Merkel evokes EU 'peace project' amid Ukraine crisis
German Chancellor Angela Merkel on Saturday wrapped up the European election campaign for her conservative CDU party, calling the EU a "peace project" that was especially relevant during the crisis in Ukraine.
"Our task today is to again drive forward the peace project and -- especially in view of Ukraine -- to again and again talk to Russia, to again extend our hand, even if we don't always agree with everything" it does, she said.
Hailing the now 28-member EU for bringing peace after World War II, she said, "we solve our conflicts differently today, not with war, but with peaceful talks," German news agency DPA reported.
Merkel, speaking in the southwestern city of Worms, said she wanted her Christian Democrats to emerge the winners in Germany's vote as part of the European parliamentary elections on Sunday.
Addressing the ongoing financial woes of some EU member states, she again spoke out against a pooling of debt, while pledging to help countries in need that are ready to implement necessary economic reforms.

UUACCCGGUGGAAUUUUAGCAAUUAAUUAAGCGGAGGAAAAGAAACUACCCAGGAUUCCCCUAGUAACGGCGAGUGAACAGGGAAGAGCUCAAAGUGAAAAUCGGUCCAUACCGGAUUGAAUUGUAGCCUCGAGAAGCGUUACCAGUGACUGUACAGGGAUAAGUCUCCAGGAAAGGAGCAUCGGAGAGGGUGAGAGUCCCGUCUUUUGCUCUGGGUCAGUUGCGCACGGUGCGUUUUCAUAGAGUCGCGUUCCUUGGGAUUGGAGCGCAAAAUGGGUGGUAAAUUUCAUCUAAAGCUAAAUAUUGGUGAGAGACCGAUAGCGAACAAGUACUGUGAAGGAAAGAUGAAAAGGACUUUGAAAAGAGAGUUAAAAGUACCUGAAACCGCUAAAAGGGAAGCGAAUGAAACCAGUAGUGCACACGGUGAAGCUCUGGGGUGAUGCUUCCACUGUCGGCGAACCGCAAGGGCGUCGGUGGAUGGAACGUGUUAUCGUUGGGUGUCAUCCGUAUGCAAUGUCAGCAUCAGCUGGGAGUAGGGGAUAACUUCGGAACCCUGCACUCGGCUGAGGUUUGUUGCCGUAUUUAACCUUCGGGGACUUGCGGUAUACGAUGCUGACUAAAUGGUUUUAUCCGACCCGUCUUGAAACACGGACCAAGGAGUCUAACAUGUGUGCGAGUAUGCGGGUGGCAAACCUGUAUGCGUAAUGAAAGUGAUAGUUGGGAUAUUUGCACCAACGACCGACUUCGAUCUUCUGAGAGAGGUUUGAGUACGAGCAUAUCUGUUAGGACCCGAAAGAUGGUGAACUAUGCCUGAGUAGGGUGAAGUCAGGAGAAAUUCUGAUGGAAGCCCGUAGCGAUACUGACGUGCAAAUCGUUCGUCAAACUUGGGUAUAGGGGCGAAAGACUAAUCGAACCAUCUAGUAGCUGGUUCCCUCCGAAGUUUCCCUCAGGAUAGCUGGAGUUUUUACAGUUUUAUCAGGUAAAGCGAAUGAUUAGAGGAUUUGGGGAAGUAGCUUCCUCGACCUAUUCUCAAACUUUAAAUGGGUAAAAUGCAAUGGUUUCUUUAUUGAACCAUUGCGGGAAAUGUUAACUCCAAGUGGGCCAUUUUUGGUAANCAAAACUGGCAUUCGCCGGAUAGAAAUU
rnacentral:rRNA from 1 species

"We stand in solidarity, we help, but we also require those who need the help to do their homework," she said.
The European lead candidate of the centre-left Social Democrats, Martin Schulz, a German, also evoked the memory and lessons of World War II, in a campaign speech in Frankfurt.
In an election where populist and anti-immigrant parties are expected to make strong gains in many countries, he urged citizens to counter the rise of right-wing and anti-EU groups.
"They are the same ones who again propagate nationalist rhetoric, anti-Semitism, hatred and xenophobia," he said.
More than 64 million voters in the EU's most populous nation -- including 61 million Germans and almost three million other EU citizens living there -- are eligible to vote Sunday.
Germany will send 96 legislators to the 766-seat European parliament.
A recent German court ruling that eliminated a three-percent threshold to enter parliament is expected to give a boost to small fringe parties including the far-right National Democratic Party of Germany (NPD), while the eurosceptic Alternative for Germany (AFD) is also expected to win seats for the first time.
© 2014 AFP